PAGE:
Photographs by AP/ALEX BRANDON
Attorney General Jeff Sessions prepares to speak before a meeting of the Attorney General's Organized Crime Council and Organized Crime Drug Enforcement Task Forces (OCDETF) Executive Committee to discuss implementation of the President's Executive Order 13773, at the Department of Justice, Tuesday, April 18, 2017, in Washington.
Originally published April 21, 2017 at 02:50a.m., updated April 21, 2017 at 02:50a.m.
HONOLULU -- Hawaii's Democratic lawmakers Thursday criticized U.S. Attorney General Jeff Sessions after he expressed amazement on a radio show that a "judge sitting on an island in the Pacific" could stop the president's travel ban.
U.S. Sen. Mazie Hirono responded by trying to give Sessions a civics lesson on Twitter, saying Hawaii has been a U.S. state for 58 years.
The senator said later in a telephone interview that the remarks showed a lack of awareness about the separation of powers between the judiciary and executive branches.
Last month, U.S. District Judge Derrick Watson blocked President Donald Trump's executive order prohibiting new visas for people from six Muslim-majority countries and temporarily halting the U.S. refugee program. The Trump administration has appealed the ruling.
Sessions told the Mark Levin Show he's confident the president will prevail with his administration's appeal of Watson's travel ban ruling.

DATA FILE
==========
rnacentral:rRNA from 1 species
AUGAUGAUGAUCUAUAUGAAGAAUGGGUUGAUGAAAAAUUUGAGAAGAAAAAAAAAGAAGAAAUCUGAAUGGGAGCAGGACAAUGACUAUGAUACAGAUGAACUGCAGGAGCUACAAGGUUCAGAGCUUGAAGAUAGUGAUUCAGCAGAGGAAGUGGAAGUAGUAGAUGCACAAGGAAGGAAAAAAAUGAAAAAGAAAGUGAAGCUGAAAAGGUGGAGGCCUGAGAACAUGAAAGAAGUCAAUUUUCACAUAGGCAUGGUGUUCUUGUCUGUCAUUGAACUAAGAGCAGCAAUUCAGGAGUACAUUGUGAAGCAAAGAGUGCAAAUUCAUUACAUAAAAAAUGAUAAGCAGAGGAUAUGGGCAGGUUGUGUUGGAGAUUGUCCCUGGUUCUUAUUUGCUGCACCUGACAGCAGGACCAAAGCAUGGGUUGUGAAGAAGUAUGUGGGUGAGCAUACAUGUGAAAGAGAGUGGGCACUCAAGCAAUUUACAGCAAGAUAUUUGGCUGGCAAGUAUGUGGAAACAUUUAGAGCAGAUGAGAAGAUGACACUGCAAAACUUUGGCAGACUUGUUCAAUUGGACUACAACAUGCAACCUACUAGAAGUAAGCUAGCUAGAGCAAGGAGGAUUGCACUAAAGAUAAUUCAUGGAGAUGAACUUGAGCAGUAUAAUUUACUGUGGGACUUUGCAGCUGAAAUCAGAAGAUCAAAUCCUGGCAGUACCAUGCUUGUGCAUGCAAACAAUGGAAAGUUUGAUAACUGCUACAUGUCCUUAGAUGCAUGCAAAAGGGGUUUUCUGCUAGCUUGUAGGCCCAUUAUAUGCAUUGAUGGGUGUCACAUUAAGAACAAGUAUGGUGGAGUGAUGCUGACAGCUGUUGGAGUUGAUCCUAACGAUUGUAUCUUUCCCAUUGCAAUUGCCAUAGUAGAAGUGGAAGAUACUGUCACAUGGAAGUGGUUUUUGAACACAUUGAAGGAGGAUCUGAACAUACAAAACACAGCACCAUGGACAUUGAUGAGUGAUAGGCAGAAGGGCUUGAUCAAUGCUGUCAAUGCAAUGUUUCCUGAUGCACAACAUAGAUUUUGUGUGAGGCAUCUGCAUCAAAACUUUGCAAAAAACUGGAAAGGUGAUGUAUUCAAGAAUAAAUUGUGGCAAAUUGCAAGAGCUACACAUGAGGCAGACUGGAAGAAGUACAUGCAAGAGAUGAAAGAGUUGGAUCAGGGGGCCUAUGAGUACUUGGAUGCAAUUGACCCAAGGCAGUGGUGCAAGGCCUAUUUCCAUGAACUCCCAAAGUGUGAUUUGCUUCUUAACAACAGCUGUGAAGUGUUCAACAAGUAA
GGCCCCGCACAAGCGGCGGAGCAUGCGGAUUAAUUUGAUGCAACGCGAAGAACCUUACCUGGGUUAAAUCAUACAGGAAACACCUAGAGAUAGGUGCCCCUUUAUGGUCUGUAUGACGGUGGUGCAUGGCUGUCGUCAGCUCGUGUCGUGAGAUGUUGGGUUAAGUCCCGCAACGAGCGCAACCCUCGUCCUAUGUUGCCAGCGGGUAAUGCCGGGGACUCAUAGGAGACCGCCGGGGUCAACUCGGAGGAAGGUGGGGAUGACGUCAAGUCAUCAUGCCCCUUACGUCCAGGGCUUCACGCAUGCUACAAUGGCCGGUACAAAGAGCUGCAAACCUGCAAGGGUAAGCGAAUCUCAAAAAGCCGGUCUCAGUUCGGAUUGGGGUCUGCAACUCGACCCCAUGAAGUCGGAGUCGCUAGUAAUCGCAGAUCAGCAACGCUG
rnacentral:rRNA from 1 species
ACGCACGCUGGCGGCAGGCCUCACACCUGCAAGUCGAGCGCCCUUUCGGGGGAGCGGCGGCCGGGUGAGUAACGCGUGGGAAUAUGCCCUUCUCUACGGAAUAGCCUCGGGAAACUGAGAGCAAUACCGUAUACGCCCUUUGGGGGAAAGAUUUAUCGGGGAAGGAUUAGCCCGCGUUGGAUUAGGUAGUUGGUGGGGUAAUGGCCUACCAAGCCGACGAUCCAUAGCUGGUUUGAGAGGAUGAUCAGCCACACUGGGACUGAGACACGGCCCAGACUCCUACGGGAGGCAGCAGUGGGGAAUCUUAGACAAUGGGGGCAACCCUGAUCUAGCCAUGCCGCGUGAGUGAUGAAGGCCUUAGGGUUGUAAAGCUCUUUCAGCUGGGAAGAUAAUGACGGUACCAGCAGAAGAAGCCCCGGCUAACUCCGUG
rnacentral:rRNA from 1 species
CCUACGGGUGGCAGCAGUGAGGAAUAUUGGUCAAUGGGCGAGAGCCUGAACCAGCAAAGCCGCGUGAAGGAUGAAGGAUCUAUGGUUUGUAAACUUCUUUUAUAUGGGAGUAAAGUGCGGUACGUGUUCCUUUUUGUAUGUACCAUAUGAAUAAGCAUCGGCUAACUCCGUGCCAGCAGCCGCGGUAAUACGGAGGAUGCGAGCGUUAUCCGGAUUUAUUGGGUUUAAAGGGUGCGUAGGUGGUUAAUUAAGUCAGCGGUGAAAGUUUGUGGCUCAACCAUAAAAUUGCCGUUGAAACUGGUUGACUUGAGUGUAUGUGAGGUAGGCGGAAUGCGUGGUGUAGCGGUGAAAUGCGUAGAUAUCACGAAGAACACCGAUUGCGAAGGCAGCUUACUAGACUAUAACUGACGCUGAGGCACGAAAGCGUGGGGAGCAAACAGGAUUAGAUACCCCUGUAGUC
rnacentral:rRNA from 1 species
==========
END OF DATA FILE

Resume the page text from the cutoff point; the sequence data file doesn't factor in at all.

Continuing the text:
"I really am amazed that a judge sitting on an island in the Pacific can issue an order that stops the president of the United States from what appears to be clearly his statutory and constitutional power," Sessions said.
Hirono also said Sessions' remarks suggested that he is prejudiced against Hawaii.
"Why isn't a federal judge from Hawaii as able as any other judge from anywhere to issue rulings?" Hirono asked.
She told Session on Twitter "we won't succumb to your dog whistle politics."
U.S. Justice Department spokesman Ian Prior said in an email that Sessions was questioning one judge's ability to block the president's executive order for the travel ban.
"Hawaii is, in fact, an island in the Pacific -- a beautiful one where the Attorney General's granddaughter was born," Prior said. "The point, however, is that there is a problem when a flawed opinion by a single judge can block the President's lawful exercise of authority to keep the entire country safe."
Hirono and Sen. Brian Schatz emphasized that Sessions voted as a senator to confirm Watson as a judge.
Schatz chided Sessions more on Twitter by telling him the island where Watson made the ruling is named Oahu.
"It's my home. Have some respect," he said.
A Section on 04/21/2017
TRY NWADG FREE FOR 30 DAYS
ACCESS. ANYTIME. ANYWHERE.
We hope you've enjoyed your preview of NWADG.com.
You've now read the maximum number of stories available without a subscription.
Subscribe now for complete and uninterrupted access to the best local, state and national news.